1.9.15

Finding The Order Of An Element Faster

So far I've described and implemented one way of finding the order of any element mod n when n is the product of two distinct odd primes but there is another, even faster algorithm that takes half the number of computations of the previous algorithm described in Generating Exponentiation Tables.

This new algorithm takes advantage of the fact that every second element after the element at index 2 is simply a multiple mod n, which can be used to arrive at the element's order roughly two times faster than the algorithm previously described.

For example, in row j of the exponentiation table of Z sub n, the element at column 2 is s0=j*j, the element at column 4 is s1 = t*j and so on until either si = 1 or si = j.  A count of the number of "jumps" reveals the order of the element and furthermore if si = j, then the order of the element is odd and if si = 1 then the order of the element is even.

Below is the new algorithm:
``````/* -------------------------------------------------
This content is released under the GNU License
http://www.gnu.org/copyleft/gpl.html
Author: Marina Ibrishimova
Version: 1.0
Purpose: Find the order of any a mod n for n = p*q where p,q > 2
---------------------------------------------------- */

function find_order_faster(n, a)
{
int next = a*a;
int cur = next;
int order = 2;
while( cur != a && cur != 1)
{
cur = (next * cur)%n;
order = 2 + order;
}
if(cur == a){order = order - 1;}
return order;
}

``````

And for reference, below is the algorithm described in Generating Exponentiation Tables:

``````/* -------------------------------------------------
This content is released under the GNU License
http://www.gnu.org/copyleft/gpl.html
Author: Marina Ibrishimova
Version: 1.0
Purpose: Find the order of any a mod n for n = p*q where p,q > 2
---------------------------------------------------- */

function find_order(n, a)
{
int anot = 1;
int aa = a;
int aaa = a*a;
int coef = a - 1;
int index = 0;
int order = 2;
while(index != 1)
{
index = (coef*(anot + aa + aaa) + anot) % n;
anot = aa;
aa = aaa;
aaa = index;
order = order + 1;
}
return order;
}

``````
Note: both of these algorithms will run into an infinite loop if GCD(n,a) is not equal to 1 so a simple check must be added at the beginning of each function to find if GCD(n,a) is not equal to 1, in which case n can easily be factored.

The worst case scenario in the number of iterations for this new algorithm find_order_faster(n,a) is phi(n)/4 since the algorithm makes jumps to every second element starting from a*a for a given element a such that GCD(a,n)=1.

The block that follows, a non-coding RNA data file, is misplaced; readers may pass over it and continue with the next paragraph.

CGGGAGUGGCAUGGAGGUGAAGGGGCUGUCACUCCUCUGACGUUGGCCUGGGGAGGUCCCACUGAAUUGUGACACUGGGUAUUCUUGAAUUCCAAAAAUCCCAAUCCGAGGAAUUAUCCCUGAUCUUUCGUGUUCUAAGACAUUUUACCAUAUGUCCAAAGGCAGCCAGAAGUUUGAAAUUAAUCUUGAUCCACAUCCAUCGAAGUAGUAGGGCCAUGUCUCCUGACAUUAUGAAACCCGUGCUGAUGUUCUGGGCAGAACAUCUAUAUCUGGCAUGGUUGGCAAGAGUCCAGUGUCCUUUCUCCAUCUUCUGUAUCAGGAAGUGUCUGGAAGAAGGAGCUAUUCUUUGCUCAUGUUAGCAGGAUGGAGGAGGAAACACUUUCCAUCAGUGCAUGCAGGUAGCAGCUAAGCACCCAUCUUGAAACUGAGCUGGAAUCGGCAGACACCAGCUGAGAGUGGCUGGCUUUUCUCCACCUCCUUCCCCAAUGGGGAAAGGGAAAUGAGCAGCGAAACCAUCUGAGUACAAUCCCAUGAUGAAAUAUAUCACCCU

For very large input n this should be used to speed up the following part of find_order_faster(n,a):
cur = (next * cur)

Although technically speaking only 1 of these two integers can potentially be large, the "next" integer is always going to be the integer at index 2, which for small a is very negligible.

find_order_faster(n,a) is guaranteed to hit either 1 or a in phi(n)/4 iterations since the starting point of the algorithm is the element at index 2 of any row j so therefore the elements are shifted by 2, which is a phenomenon I first discussed in Exponentiation Tables in Z sub n.

In contrast, the starting point of for the old algorithm find_order(n,a) is 1 and so in the worst case scenario it must visit every element up to phi(n)/2 since phi(n)/2 is a universal exponent as shown in Finding Phi.

Example: find_order_faster(35,3) returns 12 and visits only 9, 11, 29, 16, 4, 1: The iterations that find_order_faster(35, 3) makes

find_order(35,3), on the other hand, visits 3, 9, 27, 11, 33, 29, 17, 16, 13, 4, 12, 1

The above example shows the find_order_faster function's behaviour when the order of a is even: namely it terminates when it hits the first 1. If the order is odd  find_order_faster(n,a) will terminate as soon as it hits a and hence the if(cur == a){order = order - 1;} statement in the end but the number of iterations in this case will still be nearly half the number of iterations of find_order(n,a).

find_order(n,a) will behave the same way regardless of whether the order is even or odd.

The implementations of both algorithms with worker.js are shown below, and both of them are much faster now that strict types have been forced. Who knew Javascript isn't just some magical place where types just figure themselves out, slowing down everything else in the process.

Example: n = 3340291861
The find_order_faster(n) algorithm returns the order of 2 mod 3340291861 in 36 seconds and the algorithm find_order(n) returns it in 57 seconds using worker.js

The algorithm described in this post with a worker:

The algorithm described in Generating Exponentiation Tables with a worker:

The various ways of finding the order of 2 mod n described here so far from slowest to fastest where the last 2 ways can be used for finding the order of any element mod n: